Indonesia Faces Crunch Time for Reforms
Image Credit: AdamCohn via Flickr

Indonesia Faces Crunch Time for Reforms


Emerging markets continued to be buffeted by worries about the US Federal Reserve’s upcoming “taper” last week. While two weeks ago it was India in the headlines – as its new central bank Chief arrived on the scene with enough momentum and esteem to single-handedly calm the markets, this Thursday it was Bank Indonesia (Indonesia’s central bank) which felt it necessary to take action.

Jakarta faced some of the same problems that confront New Delhi, most significantly a slowing growth rate complicated by capital flight, a loss of confidence and a corresponding drop in the value of its currency. Indonesia’s problems were made more complicated, as Pacific Money has previously noted, by the presence of inflation stalking the economy.

So when the Bank Indonesia announced a surprise rate cut on September 12, it was again aiming at to both rein in inflation and shore up the embattled rupiah. The bank raised its main lending rate by 25 basis points to 7.25 percent, as well as increasing the deposit facility interest rate by the same basis point count to 5.5 percent. Despite this, with inflation for 2013 expected to be from 9-9.8 percent, real interest rates essentially remain negative for the year – a dangerous distortion (albeit one that is expected to reverse during 2014).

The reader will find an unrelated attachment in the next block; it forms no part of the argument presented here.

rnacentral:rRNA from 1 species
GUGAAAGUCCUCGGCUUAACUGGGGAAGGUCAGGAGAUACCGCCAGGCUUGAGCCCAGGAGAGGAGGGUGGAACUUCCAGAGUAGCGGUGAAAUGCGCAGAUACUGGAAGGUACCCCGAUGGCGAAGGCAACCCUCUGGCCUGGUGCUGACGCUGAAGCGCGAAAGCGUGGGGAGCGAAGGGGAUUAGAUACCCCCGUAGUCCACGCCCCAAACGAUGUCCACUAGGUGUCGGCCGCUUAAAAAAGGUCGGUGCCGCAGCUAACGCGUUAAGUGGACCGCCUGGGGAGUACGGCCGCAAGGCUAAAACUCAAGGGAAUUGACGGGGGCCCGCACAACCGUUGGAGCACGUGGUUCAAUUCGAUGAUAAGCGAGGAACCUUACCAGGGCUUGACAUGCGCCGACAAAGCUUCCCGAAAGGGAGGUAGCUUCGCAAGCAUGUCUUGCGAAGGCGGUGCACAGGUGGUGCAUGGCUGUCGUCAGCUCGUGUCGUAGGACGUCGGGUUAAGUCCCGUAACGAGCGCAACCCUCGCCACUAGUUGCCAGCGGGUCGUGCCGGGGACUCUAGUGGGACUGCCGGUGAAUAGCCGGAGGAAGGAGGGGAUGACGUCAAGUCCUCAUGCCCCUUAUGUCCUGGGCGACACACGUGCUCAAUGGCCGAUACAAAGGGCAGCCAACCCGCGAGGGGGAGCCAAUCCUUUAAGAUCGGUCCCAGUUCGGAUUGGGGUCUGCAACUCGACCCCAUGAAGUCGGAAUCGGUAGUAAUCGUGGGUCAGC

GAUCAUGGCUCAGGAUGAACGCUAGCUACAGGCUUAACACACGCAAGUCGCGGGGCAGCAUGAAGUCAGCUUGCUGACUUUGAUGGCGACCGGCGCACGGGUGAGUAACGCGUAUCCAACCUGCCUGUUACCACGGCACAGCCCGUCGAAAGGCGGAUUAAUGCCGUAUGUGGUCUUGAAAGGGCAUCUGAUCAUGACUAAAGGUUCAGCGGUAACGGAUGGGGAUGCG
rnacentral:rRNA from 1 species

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In the same statement, the central bank also acknowledged that the recent rate hikes combined with the current account deficit and capital outflows were affecting growth prospects for Southeast Asia’s most populous nation. The estimate of Indonesia’s growth for 2013 was cut from 5.9-6.2 percent to 5.5-5.9 percent. This prediction is still more positive than that of the International Monetary Fund (IMF), which recently cut its own forecast from 6.3 percent down to 5.25 percent.

The markets took the rate hikes in their stride, with the Jakarta Composite Index closing up on Friday. It would seem that investors took Bank Indonesia’s move to be the right thing, and that the benefits of arresting the currency slide, tackling inflation and pressuring the current account deficit would outweigh the risks to economic growth generally and financing costs in particular.

Markets are happy for now then, but we still have the looming (if already anticipated) shock that will come when the Fed finally does begin the much feared “taper.” Like India, Indonesia is in need of some tough economic and financial reforms. Corruption, legal reforms and economic opening have all been talked about for months. Talk is talk, but soon Indonesia may need something more to keep foreign capital interested in the country.

Another factor is China, whose demand for certain commodities has been a boost to Indonesia’s growth throughout the past decade. Although seeing some ups alongside its downs, China is in the process of a major economic restructuring, which promises to see runaway investment levels fall and consumer spending hopefully take up the economic baton. That will not be kind to commodity exporters such as Indonesia, so there is extra urgency to Jakarta’s reform process. 

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